Variant of concern

Omicron in 23 countries: WHO slams those who penalised SA

Travel ban also hampered research and lacked any logic, say experts

Tanya Farber Senior science reporter
South Africa has been thanked profusely by the WHO for its sterling scientific work and transparency with regard to Omicron.
South Africa has been thanked profusely by the WHO for its sterling scientific work and transparency with regard to Omicron.
Image: 123RF/rawpixel

The World Health Organisation has lambasted countries across the globe for victimising SA in the wake of it revealing the new Covid-19 Omicron variant.

The variant has been found in 23 countries at the moment, the WHO said, but a backlog of cases across the globe could reveal its presence in several more.

WHO director-general Tedros Adhanom Ghebreyesus said at a press briefing on Thursday: “It is deeply concerning to me that SA and Botswana are being penalised.”

He thanked the two countries for “detecting, sequencing and reporting so rapidly” on Omicron, and said that a “blanket travel ban will not prevent the international spread of the virus and will place a heavy burden on livelihoods”.

The ban has also hampered research by slowing down the transportation of samples around the globe for in-depth testing in labs,” he said.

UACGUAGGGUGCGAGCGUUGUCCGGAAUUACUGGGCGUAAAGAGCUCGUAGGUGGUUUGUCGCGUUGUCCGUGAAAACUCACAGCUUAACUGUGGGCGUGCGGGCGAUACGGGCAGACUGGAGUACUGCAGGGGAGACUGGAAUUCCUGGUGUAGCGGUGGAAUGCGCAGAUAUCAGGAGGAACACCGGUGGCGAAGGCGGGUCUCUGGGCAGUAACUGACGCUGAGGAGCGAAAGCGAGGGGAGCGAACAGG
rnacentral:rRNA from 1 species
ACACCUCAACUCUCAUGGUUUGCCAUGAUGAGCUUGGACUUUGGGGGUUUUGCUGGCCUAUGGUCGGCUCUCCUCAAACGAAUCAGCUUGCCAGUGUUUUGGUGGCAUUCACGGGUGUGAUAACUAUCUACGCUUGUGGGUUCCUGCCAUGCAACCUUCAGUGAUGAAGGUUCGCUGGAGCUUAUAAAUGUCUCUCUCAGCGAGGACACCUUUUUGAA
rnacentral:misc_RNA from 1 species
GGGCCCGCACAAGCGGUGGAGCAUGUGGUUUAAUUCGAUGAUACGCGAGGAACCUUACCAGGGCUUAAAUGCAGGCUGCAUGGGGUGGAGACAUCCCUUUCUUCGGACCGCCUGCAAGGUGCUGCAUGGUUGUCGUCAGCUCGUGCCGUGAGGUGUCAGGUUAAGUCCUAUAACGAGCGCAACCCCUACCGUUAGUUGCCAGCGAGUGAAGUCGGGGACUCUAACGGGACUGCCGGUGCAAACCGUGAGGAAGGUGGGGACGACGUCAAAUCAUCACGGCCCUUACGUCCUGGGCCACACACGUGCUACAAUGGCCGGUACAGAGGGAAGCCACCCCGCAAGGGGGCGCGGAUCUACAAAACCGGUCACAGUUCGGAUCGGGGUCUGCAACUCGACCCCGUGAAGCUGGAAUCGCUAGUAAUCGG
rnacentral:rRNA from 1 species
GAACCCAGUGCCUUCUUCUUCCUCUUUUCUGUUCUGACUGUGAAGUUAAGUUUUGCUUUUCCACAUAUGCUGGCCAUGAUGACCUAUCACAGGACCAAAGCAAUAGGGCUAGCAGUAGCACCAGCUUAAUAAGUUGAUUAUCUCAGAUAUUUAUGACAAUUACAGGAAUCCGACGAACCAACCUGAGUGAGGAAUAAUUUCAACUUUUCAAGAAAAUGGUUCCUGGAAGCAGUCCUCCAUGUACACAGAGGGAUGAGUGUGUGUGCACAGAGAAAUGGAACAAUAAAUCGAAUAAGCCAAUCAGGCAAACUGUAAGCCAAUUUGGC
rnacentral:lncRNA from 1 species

According to WHO technical lead on Covid-19, Maria van Kerkhove, scientists in SA “should be commended and we need to strengthen our surveillance and sequencing around the world and have better geographic representation across the planet”.

She added: “We do not want to see countries being penalised for sharing information. A special thank you goes out to so many researchers across SA.”

According to Ghebreyesus: “The emergence of Omicron has captured global attention. Twenty-three countries have now reported cases and we expect that number to grow. We are learning all the time about Omicron but there is more to learn about transmission, and its impact on severity of disease.”

Kerkhove said that since the variant was classified as a variant of concern “the timeline will change” as a backlog of cases is analysed.

She added: “It is absolutely critical to get vaccinated as vaccines are saving lives.”

Dr Michael Ryan, who heads the health emergencies programme at the WHO, said that “banning flights except for your own citizens makes no epidemiological sense”.

“A virus doesn't know what country you're a citizen of,” said Ryan.

He said countries with confirmed cases had faced no travel bans, yet others with no cases had seen bans and that this showed the dire lack of logic in knee-jerk decisions.

He added: “Healthcare workers  are sick of counting the dead, and losing their friends.”

He said that the enduring crisis in Europe is still the Delta variant and that it was crucial for vaccine rollouts to continue unabated.

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